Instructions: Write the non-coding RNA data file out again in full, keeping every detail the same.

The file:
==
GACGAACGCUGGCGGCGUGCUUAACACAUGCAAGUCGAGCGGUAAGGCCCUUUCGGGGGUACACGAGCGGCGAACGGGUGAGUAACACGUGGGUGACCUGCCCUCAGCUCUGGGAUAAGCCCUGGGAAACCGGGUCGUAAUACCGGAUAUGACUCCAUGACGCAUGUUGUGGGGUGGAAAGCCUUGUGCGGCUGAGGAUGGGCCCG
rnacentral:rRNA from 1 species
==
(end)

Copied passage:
GACGAACGCUGGCGGCGUGCUUAACACAUGCAAGUCGAGCGGUAAGGCCCUUUCGGGGGUACACGAGCGGCGAACGGGUGAGUAACACGUGGGUGACCUGCCCUCAGCUCUGGGAUAAGCCCUGGGAAACCGGGUCGUAAUACCGGAUAUGACUCCAUGACGCAUGUUGUGGGGUGGAAAGCCUUGUGCGGCUGAGGAUGGGCCCG
rnacentral:rRNA from 1 species